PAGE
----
Operator                      (2.2)  Assign the operator to op
                                           Pop a number from  integer stack and assign it to op1
                                           Pop another number from integer stack
                                           and assign it to op2                               
                                           Calculate op1 op op2 and push the output into the integer
                                           stack. Go to step (2)                                       
   3. Pop the result from the integer stack and display the result
                       

Result: The evaluation of prefix expression is printed as follows:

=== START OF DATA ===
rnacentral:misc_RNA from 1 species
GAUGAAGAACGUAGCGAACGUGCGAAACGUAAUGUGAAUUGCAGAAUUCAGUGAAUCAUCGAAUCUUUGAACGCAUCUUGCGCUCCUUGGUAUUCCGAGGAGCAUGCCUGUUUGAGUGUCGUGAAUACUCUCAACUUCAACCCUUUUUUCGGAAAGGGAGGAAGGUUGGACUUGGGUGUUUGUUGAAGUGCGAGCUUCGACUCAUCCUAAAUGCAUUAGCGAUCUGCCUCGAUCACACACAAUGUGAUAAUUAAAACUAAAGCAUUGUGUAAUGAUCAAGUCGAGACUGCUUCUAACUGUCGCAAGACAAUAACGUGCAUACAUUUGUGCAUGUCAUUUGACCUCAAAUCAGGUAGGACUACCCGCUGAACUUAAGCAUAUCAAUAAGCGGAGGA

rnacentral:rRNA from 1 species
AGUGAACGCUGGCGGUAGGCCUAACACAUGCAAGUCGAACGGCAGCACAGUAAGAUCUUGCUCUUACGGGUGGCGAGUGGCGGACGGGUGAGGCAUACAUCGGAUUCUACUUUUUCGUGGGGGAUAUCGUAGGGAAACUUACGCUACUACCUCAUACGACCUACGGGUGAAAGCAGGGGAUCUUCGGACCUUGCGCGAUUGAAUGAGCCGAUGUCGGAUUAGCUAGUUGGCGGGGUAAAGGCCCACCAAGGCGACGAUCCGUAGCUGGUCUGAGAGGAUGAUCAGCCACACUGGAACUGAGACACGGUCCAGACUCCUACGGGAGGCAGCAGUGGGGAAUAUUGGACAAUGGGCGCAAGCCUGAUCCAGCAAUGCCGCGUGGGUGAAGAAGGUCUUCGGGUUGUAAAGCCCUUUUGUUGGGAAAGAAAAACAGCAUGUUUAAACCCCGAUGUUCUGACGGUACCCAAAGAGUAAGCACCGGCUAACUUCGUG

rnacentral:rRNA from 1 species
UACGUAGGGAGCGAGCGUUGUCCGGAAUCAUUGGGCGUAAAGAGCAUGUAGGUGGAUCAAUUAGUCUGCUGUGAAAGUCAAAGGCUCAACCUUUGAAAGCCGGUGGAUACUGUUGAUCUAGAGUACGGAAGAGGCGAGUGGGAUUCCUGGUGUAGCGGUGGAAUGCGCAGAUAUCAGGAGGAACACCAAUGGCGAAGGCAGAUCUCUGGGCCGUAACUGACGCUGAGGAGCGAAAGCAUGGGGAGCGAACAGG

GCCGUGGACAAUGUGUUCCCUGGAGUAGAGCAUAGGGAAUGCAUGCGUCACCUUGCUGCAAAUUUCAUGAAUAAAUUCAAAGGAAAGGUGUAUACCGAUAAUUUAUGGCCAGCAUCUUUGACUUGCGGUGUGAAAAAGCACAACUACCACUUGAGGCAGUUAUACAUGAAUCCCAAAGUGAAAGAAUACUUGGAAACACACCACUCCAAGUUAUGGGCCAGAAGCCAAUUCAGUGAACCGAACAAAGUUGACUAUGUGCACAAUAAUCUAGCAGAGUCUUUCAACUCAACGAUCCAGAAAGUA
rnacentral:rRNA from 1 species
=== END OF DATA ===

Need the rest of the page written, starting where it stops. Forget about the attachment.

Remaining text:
Input String: / - * 2 5 * 1 2 - 11 9

Input Symbol Character Stack (from bottom to top) Integer Stack (from bottom to top) Operation performed
/ /
- /
* / - *
2 / - * 2
5 / - * 2 5
* / - * 2 5 *
1 / - * 2 5 * 1
2 / - * 2 5 * 1 2
- / - * 2 5 * 1 2 -
11 / - * 2 5 * 1 2 - 11
9 / - * 2 5 * 1 2 - 11 9
\n / - * 2 5 * 1 2 - 11 9
/ - * 2 5 * 1 2 - 9 11
/ - * 2 5 * 1 2 2 11 - 9 = 2
/ - * 2 5 * 1 2 2
/ - * 2 5 * 2 2 1
/ - * 2 5 2 2 1 * 2 = 2
/ - * 2 2 2 5
/ - * 2 2 5 2
/ - 2 2 10 5 * 2 = 10
/ 2 8 10 - 2 = 8
Stack is empty 4 8 / 2 = 4
Stack is empty Print 4

C Program

int main (int argc, char *argv[])
{
     struct ch *charactop = NULL;
     struct integer *integertop = NULL;
     char rd, op;
     int i = 0, op1, op2;
     charactop = cclearstack();
     integertop = iclearstack();
     rd = argv[1][i];
     while(rd != '\0')
     {
         charactop = cpush(charactop, rd);
         rd = argv[1][i++];
      }
      while(!emptystack(charactop))
      {
           charactop = cpop(charactop, rd);